Bitcoin (BTC) Records Fourth Consecutive Mining Difficulty Decline
Bitcoin (BTC) has become increasingly easier to mine for the fourth straight difficulty epoch as the network continues to feel the effect of the sweeping crypto mining ban in China. Meanwhile, the hash rate is expected to migrate to the Western hemisphere with mining establishments keen to upscale their operations to cover the temporary void left by Chinese miners going offline.
Bitcoin Difficulty Plunges Further
According to data from BTC.com, the Bitcoin Difficulty declined by 4.81 percent from 14.36 trillion (T) to 13.67 T on Sunday (July 18, 2021). This drop is the fourth straight decline, the first of such an occurrence since 2011.
A decade ago, the Bitcoin difficulty experienced eight consecutive downward corrections that finally culminated in an 8.54 percent drop on October 29, 2011. This record eight consecutive difficulty epoch drop came after 12 consecutive upward difficulty adjustments during the preceding four months.
Difficulty represents the ease with which miners are able to solve the cryptographic problem involved in mining a Bitcoin block. This value is automatically adjusted every 2016 blocks, an interval that often takes two weeks.
The difficulty adjustment is based on the changes in hash rate during the previous two weeks (2016 blocks) difficult epoch. Thus, with the hash rate continuing to decline since the mining ban in China, it is unsurprising to see the continued drop in difficulty for Bitcoin.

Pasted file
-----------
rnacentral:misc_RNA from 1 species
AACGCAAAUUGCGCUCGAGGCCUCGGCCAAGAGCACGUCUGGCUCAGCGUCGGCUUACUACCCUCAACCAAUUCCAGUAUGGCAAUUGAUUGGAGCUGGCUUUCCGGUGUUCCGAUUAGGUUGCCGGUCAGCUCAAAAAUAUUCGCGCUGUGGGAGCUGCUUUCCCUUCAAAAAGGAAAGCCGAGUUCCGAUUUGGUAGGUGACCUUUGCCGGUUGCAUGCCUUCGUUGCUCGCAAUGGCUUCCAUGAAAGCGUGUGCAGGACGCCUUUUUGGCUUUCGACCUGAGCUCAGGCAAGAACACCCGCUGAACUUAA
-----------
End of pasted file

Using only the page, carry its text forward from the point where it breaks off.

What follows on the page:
Hash rate refers to the amount of computational power expended per second to secure the Bitcoin network. As of the time of writing, Bitcoin’s hash rate is at about 98 exahashes per second (EH/s), according to figures from Ycharts.
At 98 EH/s the Bitcoin hash rate is more than 50 percent down from its almost 200 EH/s all-time high achieved back in April 2021 when BTC was at the zenith of its parabolic price advance that began back in late 2020. The hash rate decline has in many ways mirrored the price crash.
The East-West Hash Shift
Bitcoin’s hash rate plunge and subsequent difficulty decline has coincided with a period of massive upheaval in China’s crypto mining scene. As previously reported by BTCManager, miners in the country have been hit with shutdown orders from the authorities.
Some establishments have already begun moving their hardware overseas with Kazakhstan playing host to some Chinese mining companies. Meanwhile, North American Bitcoin miners are using the opportunity to expand their operations in the hopes of becoming the dominant player in the global hash rate distribution.